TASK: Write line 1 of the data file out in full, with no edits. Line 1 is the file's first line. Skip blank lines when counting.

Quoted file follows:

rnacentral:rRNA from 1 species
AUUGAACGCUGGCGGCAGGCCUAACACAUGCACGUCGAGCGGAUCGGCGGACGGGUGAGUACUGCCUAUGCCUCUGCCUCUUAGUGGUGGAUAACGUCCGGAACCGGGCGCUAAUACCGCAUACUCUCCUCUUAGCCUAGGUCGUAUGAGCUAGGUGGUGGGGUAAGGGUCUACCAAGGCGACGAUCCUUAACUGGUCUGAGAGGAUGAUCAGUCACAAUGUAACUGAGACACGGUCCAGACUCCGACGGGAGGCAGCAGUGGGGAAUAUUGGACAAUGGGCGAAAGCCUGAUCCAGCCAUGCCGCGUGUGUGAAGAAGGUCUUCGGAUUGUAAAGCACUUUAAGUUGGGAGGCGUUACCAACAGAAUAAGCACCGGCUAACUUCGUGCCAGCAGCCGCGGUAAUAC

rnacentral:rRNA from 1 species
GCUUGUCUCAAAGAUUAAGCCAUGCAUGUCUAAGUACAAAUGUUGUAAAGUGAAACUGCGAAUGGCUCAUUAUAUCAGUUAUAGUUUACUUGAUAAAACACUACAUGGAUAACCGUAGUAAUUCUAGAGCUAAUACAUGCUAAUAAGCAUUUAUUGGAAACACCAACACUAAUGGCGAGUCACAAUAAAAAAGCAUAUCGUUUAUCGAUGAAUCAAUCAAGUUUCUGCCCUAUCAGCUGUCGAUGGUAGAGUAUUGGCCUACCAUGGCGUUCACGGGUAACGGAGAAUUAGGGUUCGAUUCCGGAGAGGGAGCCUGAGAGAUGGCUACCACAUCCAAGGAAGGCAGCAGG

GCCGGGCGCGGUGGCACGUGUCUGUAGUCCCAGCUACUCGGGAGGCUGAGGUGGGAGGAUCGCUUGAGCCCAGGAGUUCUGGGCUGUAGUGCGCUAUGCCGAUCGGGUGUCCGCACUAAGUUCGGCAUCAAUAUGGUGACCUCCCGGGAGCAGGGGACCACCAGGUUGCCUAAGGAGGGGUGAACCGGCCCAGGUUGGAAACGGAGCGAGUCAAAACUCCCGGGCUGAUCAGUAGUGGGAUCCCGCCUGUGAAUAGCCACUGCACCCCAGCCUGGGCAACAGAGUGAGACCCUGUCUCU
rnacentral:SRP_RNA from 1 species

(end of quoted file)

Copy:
rnacentral:rRNA from 1 species